Our ladies raced at Cat’s Hill this past weekend, and had a great result with Claire Morgan taking the ‘W’ in the Women’s 3 and Fiona Strouts taking 3rd in the Women’s 1/2 field! Also in the mix was Amy Chandos. Great job ladies!
We had a huge turnout for our team today, and it showed with great results! As told by Jack Arney:
Congratulations go to Marley Smith for placing third in a very tough battle at the rolling windy hills of Wente Vineyards! The report from Jack Arney:
Pro racers Flavia Oliviera and Ali Tetrick, along with our very own Marley Smith were in a break with a good minute on the peloton which included Folsom Bike/Cervelo Susannah Breen and Fiona Strouts. (Ed Note: It was Flavia and Ali together with Marley off the back for a while, but a mechanical put Ali with Marley and Flavia on her own.)
Read Marley’s report below:
The real production comes the day before an 8:25 am start time for a 66 mile road race in Livermore. Final check on bike, wheel selection and the all evening Friday night affair of packing food, water bottles for the feed zone and of course running check on clothing, matching hair bow and socks, and just the right shade of lip stick for a guaranteed grueling race at Wente Vineyards.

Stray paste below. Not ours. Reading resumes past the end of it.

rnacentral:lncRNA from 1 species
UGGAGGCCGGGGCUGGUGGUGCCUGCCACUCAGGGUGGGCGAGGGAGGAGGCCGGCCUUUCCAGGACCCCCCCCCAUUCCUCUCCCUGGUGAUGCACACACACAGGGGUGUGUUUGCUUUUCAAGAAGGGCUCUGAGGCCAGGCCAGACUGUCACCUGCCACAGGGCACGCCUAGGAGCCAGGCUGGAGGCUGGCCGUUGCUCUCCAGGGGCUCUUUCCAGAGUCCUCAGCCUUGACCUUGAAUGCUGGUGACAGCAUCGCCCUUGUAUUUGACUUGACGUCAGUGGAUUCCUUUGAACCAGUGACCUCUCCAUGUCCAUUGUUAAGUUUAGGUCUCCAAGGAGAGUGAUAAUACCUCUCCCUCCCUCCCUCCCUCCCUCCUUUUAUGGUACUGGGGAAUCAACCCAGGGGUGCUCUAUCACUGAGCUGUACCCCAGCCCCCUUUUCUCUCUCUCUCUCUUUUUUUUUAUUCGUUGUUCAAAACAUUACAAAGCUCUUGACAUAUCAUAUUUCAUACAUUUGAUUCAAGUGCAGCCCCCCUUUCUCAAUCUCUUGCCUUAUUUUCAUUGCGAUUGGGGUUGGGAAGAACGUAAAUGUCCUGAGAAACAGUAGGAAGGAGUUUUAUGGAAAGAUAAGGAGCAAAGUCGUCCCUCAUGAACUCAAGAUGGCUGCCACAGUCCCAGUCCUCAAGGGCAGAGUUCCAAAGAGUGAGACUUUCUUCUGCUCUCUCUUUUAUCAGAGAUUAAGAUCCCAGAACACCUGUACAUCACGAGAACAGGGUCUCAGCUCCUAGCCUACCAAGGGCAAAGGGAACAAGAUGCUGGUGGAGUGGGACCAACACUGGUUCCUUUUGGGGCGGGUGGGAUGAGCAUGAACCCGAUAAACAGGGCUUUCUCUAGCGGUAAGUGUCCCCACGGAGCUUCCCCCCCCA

5am departure but a relaxing and yet entertaining drive with some Folsom Bike/VW/Raley’s teammates, one preparing to race, one doing the most important job of all, the feed zone!!!! Thank you Jack Arney, all fifteen of us including three female riders were given water bottles in the feed zone. I personally would have fallen off my bike up the climb on lap four from dehydration and lack of fuel. I was suffering!!!!
The women’s pro1/2 race was a small field of 20-25 riders, but not lacking in talent or strength. I was very excited to have our own Susanna Breen making her first appearance in a bike race in over a year due to a leg injury, and Fiona Strouts another team member always strong with positive energy and riding ability. Our plan was to race our bikes hard up the first climb to make the selection up the road, or sit in the chase group and camp out if or when the break was caught. I was primarily concerned with Alison Tetrick and Flavia on the line, they can climb, they can time trial, they can beat up on us good and I knew it. Noted! My goal was to stay close up the climb one, lap one! It’s where the selection is made every year.